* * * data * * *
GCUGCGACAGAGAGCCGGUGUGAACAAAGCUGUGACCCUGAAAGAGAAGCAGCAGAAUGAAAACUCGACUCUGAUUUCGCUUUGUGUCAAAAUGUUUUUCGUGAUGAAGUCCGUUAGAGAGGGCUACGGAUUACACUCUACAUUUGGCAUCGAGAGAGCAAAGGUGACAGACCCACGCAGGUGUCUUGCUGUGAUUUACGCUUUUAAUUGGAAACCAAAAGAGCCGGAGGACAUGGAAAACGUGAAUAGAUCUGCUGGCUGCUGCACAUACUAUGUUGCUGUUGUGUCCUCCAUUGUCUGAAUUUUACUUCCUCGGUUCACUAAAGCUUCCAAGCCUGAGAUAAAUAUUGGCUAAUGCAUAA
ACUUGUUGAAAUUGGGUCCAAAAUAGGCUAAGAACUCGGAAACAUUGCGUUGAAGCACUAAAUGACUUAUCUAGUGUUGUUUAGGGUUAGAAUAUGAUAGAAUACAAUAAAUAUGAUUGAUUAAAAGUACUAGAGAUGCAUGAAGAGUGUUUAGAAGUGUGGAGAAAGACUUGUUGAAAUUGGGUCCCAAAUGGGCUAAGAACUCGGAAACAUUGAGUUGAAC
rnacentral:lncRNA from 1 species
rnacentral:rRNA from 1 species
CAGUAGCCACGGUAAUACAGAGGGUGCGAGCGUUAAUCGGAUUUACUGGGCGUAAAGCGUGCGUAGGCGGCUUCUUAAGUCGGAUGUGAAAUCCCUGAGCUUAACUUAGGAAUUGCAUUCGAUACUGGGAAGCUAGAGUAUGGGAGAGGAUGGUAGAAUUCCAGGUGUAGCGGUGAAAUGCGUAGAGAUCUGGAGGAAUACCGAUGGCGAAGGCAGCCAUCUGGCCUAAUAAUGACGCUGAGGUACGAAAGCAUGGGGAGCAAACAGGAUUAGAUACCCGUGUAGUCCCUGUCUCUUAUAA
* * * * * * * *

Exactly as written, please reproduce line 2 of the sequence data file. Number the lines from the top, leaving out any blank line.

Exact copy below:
ACUUGUUGAAAUUGGGUCCAAAAUAGGCUAAGAACUCGGAAACAUUGCGUUGAAGCACUAAAUGACUUAUCUAGUGUUGUUUAGGGUUAGAAUAUGAUAGAAUACAAUAAAUAUGAUUGAUUAAAAGUACUAGAGAUGCAUGAAGAGUGUUUAGAAGUGUGGAGAAAGACUUGUUGAAAUUGGGUCCCAAAUGGGCUAAGAACUCGGAAACAUUGAGUUGAAC